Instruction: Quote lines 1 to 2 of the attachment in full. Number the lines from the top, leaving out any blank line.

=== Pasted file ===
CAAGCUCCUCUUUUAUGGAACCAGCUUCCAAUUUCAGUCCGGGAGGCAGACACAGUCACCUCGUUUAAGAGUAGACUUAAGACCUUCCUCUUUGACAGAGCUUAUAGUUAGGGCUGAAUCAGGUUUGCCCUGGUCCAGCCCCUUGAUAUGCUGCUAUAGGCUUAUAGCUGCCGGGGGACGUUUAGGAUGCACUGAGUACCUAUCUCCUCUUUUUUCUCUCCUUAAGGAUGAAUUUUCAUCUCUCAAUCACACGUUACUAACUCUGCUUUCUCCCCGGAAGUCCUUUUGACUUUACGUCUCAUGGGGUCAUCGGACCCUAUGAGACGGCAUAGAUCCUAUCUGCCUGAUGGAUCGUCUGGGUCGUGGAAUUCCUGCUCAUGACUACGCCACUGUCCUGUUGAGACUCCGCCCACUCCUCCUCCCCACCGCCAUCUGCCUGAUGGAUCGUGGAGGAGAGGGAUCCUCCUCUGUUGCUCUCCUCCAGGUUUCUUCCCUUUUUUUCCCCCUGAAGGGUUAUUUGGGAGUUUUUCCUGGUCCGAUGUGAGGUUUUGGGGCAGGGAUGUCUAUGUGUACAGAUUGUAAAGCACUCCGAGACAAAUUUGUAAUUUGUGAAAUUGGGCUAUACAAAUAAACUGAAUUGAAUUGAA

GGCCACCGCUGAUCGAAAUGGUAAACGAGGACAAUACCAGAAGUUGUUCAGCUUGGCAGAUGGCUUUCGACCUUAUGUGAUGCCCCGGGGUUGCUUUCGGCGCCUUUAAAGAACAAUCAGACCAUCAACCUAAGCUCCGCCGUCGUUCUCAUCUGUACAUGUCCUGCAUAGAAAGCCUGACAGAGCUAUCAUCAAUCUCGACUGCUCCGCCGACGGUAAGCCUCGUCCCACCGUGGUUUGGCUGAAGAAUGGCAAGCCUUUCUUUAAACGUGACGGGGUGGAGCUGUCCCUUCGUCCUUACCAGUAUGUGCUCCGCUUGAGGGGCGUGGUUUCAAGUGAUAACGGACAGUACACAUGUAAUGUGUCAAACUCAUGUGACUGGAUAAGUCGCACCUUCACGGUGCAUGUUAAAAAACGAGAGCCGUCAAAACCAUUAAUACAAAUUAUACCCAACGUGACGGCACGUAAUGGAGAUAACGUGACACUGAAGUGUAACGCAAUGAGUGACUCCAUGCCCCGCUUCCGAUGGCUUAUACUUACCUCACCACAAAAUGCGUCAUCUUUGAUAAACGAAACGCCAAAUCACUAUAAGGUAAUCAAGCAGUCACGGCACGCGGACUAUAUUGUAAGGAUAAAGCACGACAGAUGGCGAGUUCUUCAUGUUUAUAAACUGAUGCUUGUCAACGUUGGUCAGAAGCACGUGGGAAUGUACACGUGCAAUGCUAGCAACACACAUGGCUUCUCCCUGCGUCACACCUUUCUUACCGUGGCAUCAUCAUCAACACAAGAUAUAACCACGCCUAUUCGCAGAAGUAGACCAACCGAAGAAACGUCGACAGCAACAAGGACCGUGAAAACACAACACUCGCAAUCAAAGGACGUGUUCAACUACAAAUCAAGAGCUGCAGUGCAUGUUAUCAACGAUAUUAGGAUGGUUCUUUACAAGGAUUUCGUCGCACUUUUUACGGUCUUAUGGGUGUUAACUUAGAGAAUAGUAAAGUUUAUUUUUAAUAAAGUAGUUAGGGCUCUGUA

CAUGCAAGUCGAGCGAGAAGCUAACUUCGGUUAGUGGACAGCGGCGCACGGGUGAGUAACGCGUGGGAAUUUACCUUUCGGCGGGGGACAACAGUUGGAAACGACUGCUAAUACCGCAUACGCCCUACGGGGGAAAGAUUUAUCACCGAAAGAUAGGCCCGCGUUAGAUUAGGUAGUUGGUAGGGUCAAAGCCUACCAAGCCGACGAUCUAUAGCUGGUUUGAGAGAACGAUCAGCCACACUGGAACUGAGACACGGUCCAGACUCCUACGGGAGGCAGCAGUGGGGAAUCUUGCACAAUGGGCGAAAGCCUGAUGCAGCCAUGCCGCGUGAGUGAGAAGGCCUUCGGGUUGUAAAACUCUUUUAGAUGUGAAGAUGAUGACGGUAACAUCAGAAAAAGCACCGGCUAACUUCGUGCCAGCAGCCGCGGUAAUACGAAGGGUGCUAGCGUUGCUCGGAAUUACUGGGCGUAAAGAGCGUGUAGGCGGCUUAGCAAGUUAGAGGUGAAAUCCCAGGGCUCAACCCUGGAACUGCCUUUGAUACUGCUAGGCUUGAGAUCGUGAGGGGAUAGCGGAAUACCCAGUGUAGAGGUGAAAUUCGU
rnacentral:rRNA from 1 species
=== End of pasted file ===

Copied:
CAAGCUCCUCUUUUAUGGAACCAGCUUCCAAUUUCAGUCCGGGAGGCAGACACAGUCACCUCGUUUAAGAGUAGACUUAAGACCUUCCUCUUUGACAGAGCUUAUAGUUAGGGCUGAAUCAGGUUUGCCCUGGUCCAGCCCCUUGAUAUGCUGCUAUAGGCUUAUAGCUGCCGGGGGACGUUUAGGAUGCACUGAGUACCUAUCUCCUCUUUUUUCUCUCCUUAAGGAUGAAUUUUCAUCUCUCAAUCACACGUUACUAACUCUGCUUUCUCCCCGGAAGUCCUUUUGACUUUACGUCUCAUGGGGUCAUCGGACCCUAUGAGACGGCAUAGAUCCUAUCUGCCUGAUGGAUCGUCUGGGUCGUGGAAUUCCUGCUCAUGACUACGCCACUGUCCUGUUGAGACUCCGCCCACUCCUCCUCCCCACCGCCAUCUGCCUGAUGGAUCGUGGAGGAGAGGGAUCCUCCUCUGUUGCUCUCCUCCAGGUUUCUUCCCUUUUUUUCCCCCUGAAGGGUUAUUUGGGAGUUUUUCCUGGUCCGAUGUGAGGUUUUGGGGCAGGGAUGUCUAUGUGUACAGAUUGUAAAGCACUCCGAGACAAAUUUGUAAUUUGUGAAAUUGGGCUAUACAAAUAAACUGAAUUGAAUUGAA

GGCCACCGCUGAUCGAAAUGGUAAACGAGGACAAUACCAGAAGUUGUUCAGCUUGGCAGAUGGCUUUCGACCUUAUGUGAUGCCCCGGGGUUGCUUUCGGCGCCUUUAAAGAACAAUCAGACCAUCAACCUAAGCUCCGCCGUCGUUCUCAUCUGUACAUGUCCUGCAUAGAAAGCCUGACAGAGCUAUCAUCAAUCUCGACUGCUCCGCCGACGGUAAGCCUCGUCCCACCGUGGUUUGGCUGAAGAAUGGCAAGCCUUUCUUUAAACGUGACGGGGUGGAGCUGUCCCUUCGUCCUUACCAGUAUGUGCUCCGCUUGAGGGGCGUGGUUUCAAGUGAUAACGGACAGUACACAUGUAAUGUGUCAAACUCAUGUGACUGGAUAAGUCGCACCUUCACGGUGCAUGUUAAAAAACGAGAGCCGUCAAAACCAUUAAUACAAAUUAUACCCAACGUGACGGCACGUAAUGGAGAUAACGUGACACUGAAGUGUAACGCAAUGAGUGACUCCAUGCCCCGCUUCCGAUGGCUUAUACUUACCUCACCACAAAAUGCGUCAUCUUUGAUAAACGAAACGCCAAAUCACUAUAAGGUAAUCAAGCAGUCACGGCACGCGGACUAUAUUGUAAGGAUAAAGCACGACAGAUGGCGAGUUCUUCAUGUUUAUAAACUGAUGCUUGUCAACGUUGGUCAGAAGCACGUGGGAAUGUACACGUGCAAUGCUAGCAACACACAUGGCUUCUCCCUGCGUCACACCUUUCUUACCGUGGCAUCAUCAUCAACACAAGAUAUAACCACGCCUAUUCGCAGAAGUAGACCAACCGAAGAAACGUCGACAGCAACAAGGACCGUGAAAACACAACACUCGCAAUCAAAGGACGUGUUCAACUACAAAUCAAGAGCUGCAGUGCAUGUUAUCAACGAUAUUAGGAUGGUUCUUUACAAGGAUUUCGUCGCACUUUUUACGGUCUUAUGGGUGUUAACUUAGAGAAUAGUAAAGUUUAUUUUUAAUAAAGUAGUUAGGGCUCUGUA